Who is in your PLN?
Is your first response, “What IS a PLN?” Are you among the many who have not yet encountered this online phenomenon? The acronym PLN stands for “Personal Learning Network.” It’s a term that labels the idea of being networked with people who have shared desires and interests related to your profession; through sharing ideas within your network, you learn from others who have knowledge and expertise in areas that you do not. As a member of a PLN, you offer your knowledge and expertise in areas which are your strengths.
Professional development used to be considered something that happened at a conference or on a PD Day. I believe that the concept of professional development being handed down from on high on a particularly appointed day during the school year has drastically changed. Yes, we still have PD Days, and they can be very well-organized and meaningful in content! However, there are other ways of developing professionally.
About five years ago a staff member presented to the staff about creating Personal Learning Communities. The main premise of these PLCs: teachers decide what they want or need to learn and create their own groups to enact their professional development. This idea was somewhat radical at the time, but it made a great deal of sense. Why sit in PD sessions about topics that are not of use to you personally? It’s a waste of time. This model is about taking ownership of your own learning.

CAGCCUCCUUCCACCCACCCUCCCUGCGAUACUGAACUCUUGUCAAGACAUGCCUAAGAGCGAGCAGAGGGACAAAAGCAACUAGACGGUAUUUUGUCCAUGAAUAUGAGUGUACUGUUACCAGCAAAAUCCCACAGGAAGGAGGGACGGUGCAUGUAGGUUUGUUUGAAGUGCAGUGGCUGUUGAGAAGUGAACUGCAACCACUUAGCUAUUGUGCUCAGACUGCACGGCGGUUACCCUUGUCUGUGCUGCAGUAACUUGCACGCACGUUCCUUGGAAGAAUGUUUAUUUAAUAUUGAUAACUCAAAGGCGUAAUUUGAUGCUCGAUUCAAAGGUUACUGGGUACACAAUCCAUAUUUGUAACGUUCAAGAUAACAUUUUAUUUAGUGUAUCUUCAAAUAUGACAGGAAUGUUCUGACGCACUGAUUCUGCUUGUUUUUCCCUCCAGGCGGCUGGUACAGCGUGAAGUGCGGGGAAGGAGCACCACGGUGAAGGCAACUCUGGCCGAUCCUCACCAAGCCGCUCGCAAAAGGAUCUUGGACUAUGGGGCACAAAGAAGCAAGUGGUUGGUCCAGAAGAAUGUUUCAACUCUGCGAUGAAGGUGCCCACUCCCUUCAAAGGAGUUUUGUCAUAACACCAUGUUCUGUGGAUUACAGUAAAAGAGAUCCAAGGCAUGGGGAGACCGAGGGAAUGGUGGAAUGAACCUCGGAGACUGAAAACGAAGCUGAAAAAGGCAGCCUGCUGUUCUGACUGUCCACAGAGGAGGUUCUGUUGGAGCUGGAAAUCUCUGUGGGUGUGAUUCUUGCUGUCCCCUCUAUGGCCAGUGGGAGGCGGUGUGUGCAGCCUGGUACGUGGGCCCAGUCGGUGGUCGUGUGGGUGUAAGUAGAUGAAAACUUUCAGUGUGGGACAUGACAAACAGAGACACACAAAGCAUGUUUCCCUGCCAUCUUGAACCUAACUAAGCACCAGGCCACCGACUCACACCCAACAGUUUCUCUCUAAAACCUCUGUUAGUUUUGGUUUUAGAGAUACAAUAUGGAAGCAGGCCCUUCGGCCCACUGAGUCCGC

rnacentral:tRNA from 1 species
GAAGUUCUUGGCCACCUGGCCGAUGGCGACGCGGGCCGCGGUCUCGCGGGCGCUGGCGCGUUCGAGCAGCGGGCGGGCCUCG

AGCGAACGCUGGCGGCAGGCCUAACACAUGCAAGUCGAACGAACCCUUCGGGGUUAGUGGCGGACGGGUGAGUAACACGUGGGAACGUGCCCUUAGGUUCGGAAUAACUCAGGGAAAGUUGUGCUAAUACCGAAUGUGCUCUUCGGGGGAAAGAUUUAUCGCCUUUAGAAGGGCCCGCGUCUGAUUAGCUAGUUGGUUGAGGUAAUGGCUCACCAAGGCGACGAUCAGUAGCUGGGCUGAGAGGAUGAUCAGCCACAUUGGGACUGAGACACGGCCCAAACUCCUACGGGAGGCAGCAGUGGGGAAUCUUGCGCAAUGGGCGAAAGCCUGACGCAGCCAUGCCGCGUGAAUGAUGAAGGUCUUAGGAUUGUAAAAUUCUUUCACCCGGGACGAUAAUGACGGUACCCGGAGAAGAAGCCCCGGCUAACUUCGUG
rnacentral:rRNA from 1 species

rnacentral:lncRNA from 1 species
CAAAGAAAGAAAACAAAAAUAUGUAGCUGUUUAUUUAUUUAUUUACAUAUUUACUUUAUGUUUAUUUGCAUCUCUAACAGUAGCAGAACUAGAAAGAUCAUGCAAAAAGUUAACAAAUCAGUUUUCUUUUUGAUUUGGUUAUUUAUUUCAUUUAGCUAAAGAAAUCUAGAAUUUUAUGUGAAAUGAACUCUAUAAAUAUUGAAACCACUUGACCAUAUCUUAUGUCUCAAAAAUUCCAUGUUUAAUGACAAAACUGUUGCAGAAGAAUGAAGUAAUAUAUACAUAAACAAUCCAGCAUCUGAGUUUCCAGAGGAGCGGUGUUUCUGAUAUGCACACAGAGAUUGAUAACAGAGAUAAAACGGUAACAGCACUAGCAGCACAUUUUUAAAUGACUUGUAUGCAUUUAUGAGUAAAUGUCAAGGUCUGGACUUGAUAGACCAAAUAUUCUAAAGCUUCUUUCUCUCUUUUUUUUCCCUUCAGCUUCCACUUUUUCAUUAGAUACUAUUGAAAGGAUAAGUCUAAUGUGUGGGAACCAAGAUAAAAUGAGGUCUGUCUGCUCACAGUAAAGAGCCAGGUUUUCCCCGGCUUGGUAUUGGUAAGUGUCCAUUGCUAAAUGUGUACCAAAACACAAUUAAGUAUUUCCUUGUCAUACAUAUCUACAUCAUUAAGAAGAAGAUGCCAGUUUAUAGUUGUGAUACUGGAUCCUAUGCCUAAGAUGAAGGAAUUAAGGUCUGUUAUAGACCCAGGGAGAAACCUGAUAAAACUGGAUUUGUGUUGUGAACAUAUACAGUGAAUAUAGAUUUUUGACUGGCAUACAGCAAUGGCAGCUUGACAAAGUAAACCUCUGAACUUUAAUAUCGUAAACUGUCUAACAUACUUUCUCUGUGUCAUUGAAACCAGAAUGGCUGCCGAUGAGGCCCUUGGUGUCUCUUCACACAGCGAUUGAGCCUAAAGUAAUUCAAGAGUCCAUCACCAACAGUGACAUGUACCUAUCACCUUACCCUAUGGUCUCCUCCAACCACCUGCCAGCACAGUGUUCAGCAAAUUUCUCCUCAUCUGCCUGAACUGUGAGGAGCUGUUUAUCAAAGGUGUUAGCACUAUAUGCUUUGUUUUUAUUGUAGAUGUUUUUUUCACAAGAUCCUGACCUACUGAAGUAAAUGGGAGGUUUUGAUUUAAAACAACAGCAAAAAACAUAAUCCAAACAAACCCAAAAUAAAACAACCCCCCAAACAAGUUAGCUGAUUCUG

Following this presentation, our school board implemented PLCs, as an alternative to the PD Days we no longer had (because of the 1997 Ontario Provincial Government’s alteration of the school calendar to reduce the number of PD Days); however, the topics and learning was determined by the administration and approved by a school board official. The learning was not in the hands of the individual, and it was not positively perceived by teachers in general. I believe there was a fear of letting go of the reins in the early development of PLCs. Last year, our administration changed the PLCs in an attempt to give teachers more control over the learning. They still determined the key focus of each PLC group and did not let everyone have their choice of group (because they wanted the groups to be somewhat equal in staff number), but they did appoint teacher group leaders and did not actively participate in the groups except to get feedback from the leaders. They did on occasion intervene to redirect if they believed that the activity of the group was not appropriate for a PLC.